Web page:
An outsourcing arrangement can also be a commercial deal that aligns interests — for example, gainshare, where savings or profits are shared; or payment by results, such as per policy sale or a percentage of the amount recovered on subrogated motor claims. Another option is co-investment, including using BPO research & analytics capability as a 'free' resource to improve deals. The appetite to do deals by BPO providers means that set-up costs can normally be amortised over the deal length.

The role of outsourcing providers becomes critical in this new order, particularly as numerous firms in the insurance sector have opted for major technology changes in the past three to four years. This has been accompanied by a considerable amount of outsourcing and offshoring activity, most of which has been in the area of notification and claims validation.

Another area where outsourcing can be leveraged is customer service, which has traditionally given insurance companies much cause for concern, especially because of the power it wields on their corporate reputation. Currently, the insurance industry is facing major challenges on this front and many companies are moving to a direct-to-customer business model, bypassing brokers and other intermediaries.

But this change brings its own set of challenges. The lack of personal, face-to-face interaction necessitates that the customer experience via other touch points like phone calls and e-mails is seamless as well as personalised.

Executives need to understand where they want to be, and what management should be focused on. In insurance, two key areas where the insurer can differentiate are in product innovation and pricing. There are other areas where management time can be absorbed for very little return.

This can include functions often described as back-office — accounts, administration, payroll, IT and claims — but could also include areas such as run-off, closed books and legacy processes. For all these non-core functions, the board should evaluate whether there is an outsourcer, with the right attention and experience, that can deliver more effectively and at a reduced cost.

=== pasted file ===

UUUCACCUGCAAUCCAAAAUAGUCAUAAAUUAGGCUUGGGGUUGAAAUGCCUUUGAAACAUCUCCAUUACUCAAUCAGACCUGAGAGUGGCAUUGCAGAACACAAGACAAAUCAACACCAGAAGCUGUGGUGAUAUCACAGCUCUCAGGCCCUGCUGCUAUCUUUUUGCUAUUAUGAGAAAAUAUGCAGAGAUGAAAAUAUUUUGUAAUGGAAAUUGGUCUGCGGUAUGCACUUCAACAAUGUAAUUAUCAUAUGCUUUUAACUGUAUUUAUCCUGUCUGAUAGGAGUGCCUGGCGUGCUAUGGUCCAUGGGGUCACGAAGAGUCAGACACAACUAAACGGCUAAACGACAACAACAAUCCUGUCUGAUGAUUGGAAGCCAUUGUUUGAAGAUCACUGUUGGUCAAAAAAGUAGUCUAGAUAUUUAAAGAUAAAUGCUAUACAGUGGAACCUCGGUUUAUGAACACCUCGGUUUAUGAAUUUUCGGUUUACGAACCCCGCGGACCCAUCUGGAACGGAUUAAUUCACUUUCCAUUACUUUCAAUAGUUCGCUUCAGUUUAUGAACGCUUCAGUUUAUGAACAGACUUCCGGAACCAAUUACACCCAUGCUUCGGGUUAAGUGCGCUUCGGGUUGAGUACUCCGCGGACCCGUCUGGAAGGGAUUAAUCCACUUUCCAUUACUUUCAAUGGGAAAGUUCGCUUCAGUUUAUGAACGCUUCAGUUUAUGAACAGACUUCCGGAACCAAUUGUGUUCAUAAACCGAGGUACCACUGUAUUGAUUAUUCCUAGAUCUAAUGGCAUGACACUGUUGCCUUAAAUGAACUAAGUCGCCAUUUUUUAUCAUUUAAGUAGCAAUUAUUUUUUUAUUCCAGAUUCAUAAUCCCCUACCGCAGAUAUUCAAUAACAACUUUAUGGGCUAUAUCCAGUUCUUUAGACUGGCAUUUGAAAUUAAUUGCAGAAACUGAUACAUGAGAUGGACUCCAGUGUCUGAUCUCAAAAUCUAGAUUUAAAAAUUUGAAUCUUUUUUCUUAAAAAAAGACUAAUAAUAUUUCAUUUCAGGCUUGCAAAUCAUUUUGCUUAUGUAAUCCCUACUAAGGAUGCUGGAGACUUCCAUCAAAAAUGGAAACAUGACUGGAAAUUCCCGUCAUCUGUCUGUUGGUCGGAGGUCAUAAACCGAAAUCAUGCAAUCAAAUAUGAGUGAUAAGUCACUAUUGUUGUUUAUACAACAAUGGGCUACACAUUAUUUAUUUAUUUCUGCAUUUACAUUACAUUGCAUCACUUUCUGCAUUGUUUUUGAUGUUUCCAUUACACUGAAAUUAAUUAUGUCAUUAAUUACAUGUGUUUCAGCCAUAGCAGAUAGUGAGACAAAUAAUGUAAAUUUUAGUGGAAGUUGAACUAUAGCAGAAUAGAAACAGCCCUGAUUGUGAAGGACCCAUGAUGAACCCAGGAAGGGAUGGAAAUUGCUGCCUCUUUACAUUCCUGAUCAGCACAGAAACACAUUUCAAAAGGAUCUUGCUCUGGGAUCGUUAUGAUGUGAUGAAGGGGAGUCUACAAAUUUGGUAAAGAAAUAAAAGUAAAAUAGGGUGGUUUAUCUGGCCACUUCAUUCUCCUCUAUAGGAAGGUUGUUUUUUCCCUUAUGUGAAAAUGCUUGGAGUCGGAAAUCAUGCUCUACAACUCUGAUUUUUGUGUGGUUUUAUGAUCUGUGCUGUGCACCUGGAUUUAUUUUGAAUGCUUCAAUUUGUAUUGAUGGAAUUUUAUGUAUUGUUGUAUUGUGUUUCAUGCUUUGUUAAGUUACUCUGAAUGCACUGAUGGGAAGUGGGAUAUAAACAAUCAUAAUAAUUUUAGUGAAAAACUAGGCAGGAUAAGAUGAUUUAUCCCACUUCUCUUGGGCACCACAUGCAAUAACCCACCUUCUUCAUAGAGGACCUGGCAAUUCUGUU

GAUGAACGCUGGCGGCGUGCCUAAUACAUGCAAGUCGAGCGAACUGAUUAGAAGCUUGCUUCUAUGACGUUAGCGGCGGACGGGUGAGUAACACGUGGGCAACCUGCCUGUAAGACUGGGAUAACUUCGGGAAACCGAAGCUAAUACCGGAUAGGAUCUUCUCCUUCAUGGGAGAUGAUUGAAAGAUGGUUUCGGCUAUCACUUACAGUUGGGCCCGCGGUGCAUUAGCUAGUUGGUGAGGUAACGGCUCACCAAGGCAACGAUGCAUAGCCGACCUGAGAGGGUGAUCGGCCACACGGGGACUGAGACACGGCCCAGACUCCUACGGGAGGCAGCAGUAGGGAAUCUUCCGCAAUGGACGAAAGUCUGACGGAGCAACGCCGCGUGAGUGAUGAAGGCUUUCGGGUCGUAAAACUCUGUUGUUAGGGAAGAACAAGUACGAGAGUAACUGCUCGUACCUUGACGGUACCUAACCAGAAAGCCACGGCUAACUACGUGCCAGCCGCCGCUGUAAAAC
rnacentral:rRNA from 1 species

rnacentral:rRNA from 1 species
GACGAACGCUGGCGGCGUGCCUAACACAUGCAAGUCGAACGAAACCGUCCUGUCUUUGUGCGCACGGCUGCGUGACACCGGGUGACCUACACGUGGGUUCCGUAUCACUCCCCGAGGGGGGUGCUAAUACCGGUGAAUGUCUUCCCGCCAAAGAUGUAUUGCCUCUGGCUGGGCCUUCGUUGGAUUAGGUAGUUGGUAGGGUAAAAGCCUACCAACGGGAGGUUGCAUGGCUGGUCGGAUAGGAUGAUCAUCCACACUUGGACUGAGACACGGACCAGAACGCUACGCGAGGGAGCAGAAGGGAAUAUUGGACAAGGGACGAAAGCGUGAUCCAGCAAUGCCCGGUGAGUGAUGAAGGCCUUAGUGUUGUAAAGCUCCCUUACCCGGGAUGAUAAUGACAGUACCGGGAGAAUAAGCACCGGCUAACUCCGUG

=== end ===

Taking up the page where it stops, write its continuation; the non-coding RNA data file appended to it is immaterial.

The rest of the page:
Insurance companies may be known for taking a conservative approach to outsourcing but operational expenses can put their very survival in doubt. Many players have realised their forte lies in quantifying risks and providing financial security, so there is rising appeal for outsourcing back-end processes to specialists that are adept at them.

So, it is not surprising that processes such as policy administration and billing, financial recoveries, data management as well as statutory and regulatory reporting, are already being outsourced. With the BPO appetite for taking risk and entering new partnerships, this will unlock value and reveal a potential asset in an area only seen in the past as a burden.

Fiercer competition, changing technology, new regulatory and compliance measures and the resultant spawning of multifarious insurance products, terrorism and the economic landscape all demand business solutions that surpass the capabilities of the in-house staff of any insurance company. Outsourcing partnerships become imperative both for survival and growth.

BIS countdown
Jeremy Owenson, senior vice president of insurance at WNS, will be participating at the British Insurance Summit on Thursday 23 September, where he will be addressing the subject of transformational change and how to embed innovation in the UK insurance sector. This will cover how to identify core areas where change is needed; how boardroom pressures in the current environment continue to bear down on managing costs; and the need to develop a strong future business strategy.